As each year draws to a close, we begin thinking about the future and what the new year may bring. For some this means developing New Year’s resolutions.
Many people use New Year’s resolutions as way a way to get healthy, mostly focusing on dieting and weight loss. Unfortunately, many resolvers fail to meet their goals. Error number one is reducing health to a number on the scale. Error number two is creating unrealistic goals. Follow these tips to create and achieve healthy New Year’s resolutions this year.
Before you declare your goal weight to the world, first take time to reflect. Reflect on where you are and where you want to be. Write it down. Now, how will you get to where you want to be? Will it be losing 20 pounds? Maybe. Maybe not. Make sure you consider the goal in relation to you. Is it going to be a truly positive change for you?
New Year’s resolutions don’t have to be about weight. They can be about stress management and focusing on self-care. They can be about volunteering and helping others. They can be whatever you want them to be. Sit down and map out what positive change you want to bring in 2016, whatever it may be.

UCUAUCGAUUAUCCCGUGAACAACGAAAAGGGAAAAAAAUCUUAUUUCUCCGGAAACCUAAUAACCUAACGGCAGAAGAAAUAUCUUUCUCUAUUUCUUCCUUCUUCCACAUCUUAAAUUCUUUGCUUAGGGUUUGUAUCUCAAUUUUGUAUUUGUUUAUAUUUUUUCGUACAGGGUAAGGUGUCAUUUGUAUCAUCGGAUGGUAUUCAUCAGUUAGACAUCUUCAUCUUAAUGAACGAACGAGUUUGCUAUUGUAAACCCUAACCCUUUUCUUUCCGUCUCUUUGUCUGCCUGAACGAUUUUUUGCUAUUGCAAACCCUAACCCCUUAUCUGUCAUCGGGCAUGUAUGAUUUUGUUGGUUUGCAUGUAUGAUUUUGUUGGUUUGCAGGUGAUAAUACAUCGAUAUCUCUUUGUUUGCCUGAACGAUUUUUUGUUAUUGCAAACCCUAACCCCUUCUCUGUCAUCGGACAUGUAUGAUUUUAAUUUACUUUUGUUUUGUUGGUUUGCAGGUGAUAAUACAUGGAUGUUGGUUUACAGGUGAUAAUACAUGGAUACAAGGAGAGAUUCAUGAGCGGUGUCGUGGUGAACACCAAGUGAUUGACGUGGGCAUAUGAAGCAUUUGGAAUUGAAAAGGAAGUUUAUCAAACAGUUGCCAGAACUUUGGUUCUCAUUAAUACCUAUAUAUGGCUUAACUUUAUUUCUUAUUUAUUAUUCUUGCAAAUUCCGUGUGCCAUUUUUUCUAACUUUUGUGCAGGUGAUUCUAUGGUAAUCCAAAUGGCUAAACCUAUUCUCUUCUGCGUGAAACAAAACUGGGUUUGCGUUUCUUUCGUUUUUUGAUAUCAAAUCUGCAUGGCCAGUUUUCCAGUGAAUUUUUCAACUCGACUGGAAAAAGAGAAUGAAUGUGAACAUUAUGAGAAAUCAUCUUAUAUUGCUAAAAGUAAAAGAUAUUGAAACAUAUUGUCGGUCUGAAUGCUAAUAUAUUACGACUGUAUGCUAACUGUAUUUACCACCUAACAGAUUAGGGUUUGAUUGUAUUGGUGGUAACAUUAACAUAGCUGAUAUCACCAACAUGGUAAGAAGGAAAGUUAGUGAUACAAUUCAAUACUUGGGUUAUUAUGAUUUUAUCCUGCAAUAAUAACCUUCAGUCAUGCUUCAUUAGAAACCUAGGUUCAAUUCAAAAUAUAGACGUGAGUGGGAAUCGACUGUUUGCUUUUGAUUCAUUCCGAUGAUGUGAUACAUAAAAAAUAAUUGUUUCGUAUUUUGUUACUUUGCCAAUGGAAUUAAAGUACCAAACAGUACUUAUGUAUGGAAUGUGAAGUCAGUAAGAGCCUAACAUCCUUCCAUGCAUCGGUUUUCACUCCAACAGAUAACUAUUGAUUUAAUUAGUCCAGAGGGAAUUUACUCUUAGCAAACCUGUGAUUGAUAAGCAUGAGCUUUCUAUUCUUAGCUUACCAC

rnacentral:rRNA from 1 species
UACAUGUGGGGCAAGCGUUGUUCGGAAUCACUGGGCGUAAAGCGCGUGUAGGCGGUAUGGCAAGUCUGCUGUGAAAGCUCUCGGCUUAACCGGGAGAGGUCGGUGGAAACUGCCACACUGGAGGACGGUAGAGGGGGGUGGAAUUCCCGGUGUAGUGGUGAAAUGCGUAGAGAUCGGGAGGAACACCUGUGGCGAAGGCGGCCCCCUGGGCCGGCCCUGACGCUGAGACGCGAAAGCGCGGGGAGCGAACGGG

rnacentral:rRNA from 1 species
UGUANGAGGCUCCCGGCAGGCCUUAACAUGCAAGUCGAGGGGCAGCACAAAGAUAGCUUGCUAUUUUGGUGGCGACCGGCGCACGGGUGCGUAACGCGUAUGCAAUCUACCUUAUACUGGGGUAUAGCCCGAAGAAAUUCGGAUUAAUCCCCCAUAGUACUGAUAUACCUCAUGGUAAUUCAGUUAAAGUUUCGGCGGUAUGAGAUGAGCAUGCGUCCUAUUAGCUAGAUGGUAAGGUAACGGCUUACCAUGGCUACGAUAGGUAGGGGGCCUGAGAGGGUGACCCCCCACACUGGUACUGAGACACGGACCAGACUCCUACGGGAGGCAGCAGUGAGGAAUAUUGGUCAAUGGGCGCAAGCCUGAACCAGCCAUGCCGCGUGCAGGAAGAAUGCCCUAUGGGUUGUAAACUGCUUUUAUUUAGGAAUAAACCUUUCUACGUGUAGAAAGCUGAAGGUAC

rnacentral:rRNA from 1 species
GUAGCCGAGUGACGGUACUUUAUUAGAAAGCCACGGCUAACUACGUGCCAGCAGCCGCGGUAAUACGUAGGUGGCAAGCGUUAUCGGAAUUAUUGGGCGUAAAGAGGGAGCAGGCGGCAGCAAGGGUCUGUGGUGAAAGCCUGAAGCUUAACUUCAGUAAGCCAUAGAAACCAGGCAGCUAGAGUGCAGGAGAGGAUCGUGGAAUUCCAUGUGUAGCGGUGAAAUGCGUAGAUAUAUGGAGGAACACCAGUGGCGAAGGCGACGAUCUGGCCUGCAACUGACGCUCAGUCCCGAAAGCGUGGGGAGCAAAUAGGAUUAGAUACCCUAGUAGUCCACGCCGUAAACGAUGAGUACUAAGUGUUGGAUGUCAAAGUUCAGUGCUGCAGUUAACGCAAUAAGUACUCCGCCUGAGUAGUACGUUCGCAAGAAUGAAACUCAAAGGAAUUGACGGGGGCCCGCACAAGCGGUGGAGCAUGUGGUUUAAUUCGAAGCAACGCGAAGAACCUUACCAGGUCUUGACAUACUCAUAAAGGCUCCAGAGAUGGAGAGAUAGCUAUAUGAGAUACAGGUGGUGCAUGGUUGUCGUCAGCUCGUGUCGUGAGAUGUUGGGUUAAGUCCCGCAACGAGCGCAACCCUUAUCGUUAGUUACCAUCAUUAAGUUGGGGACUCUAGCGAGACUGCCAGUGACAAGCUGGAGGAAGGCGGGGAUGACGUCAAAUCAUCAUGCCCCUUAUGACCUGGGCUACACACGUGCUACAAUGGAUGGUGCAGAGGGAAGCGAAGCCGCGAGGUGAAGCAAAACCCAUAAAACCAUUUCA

Many people fail to achieve their New Year’s resolutions because they encumber themselves with totally unattainable (and sometimes unhealthy) goals. Is getting back to your high school dress size realistic? Not really. Is it sustainable? Heck no. Don’t waste your time stressing yourself out and wasting energy on goals that only bring you negative energy and make you feel like a failure.
If you are overweight (talk to a medical professional about what this means—they should use a combination of your height, weight, body fat percentage and waist circumference to assess your weight status) and want to lose weight, aim for a gradual loss of 1-2 pounds per week achieved through healthy diet and exercise. If you’re not overweight, ask yourself why weight loss is so important.
One thing I always tell my clients is don’t make any changes you don’t intend to maintain. In other words: if you can’t do it forever, don’t even start. Say goodbye to fad diets and liquid cleanses.
Once you have a positive, realistic and sustainable goal in mind, get specific. Don’t just say “I’m going to eat healthier this year.” Say, “I’m going to eat 5 servings of fruits and vegetables every day” and then track it. That’s right, track it. Make yourself accountable by using a food journal. Share your goals with your friends and have frequent check-ins to discuss how it’s going. Write it down. Post it up. Set reminders. If you’re serious, get serious.
Disclaimer: The information presented here is not to be construed as medical advice or used to diagnose, treat, cure or prevent any condition or disease. Cover image designed using Canva.com.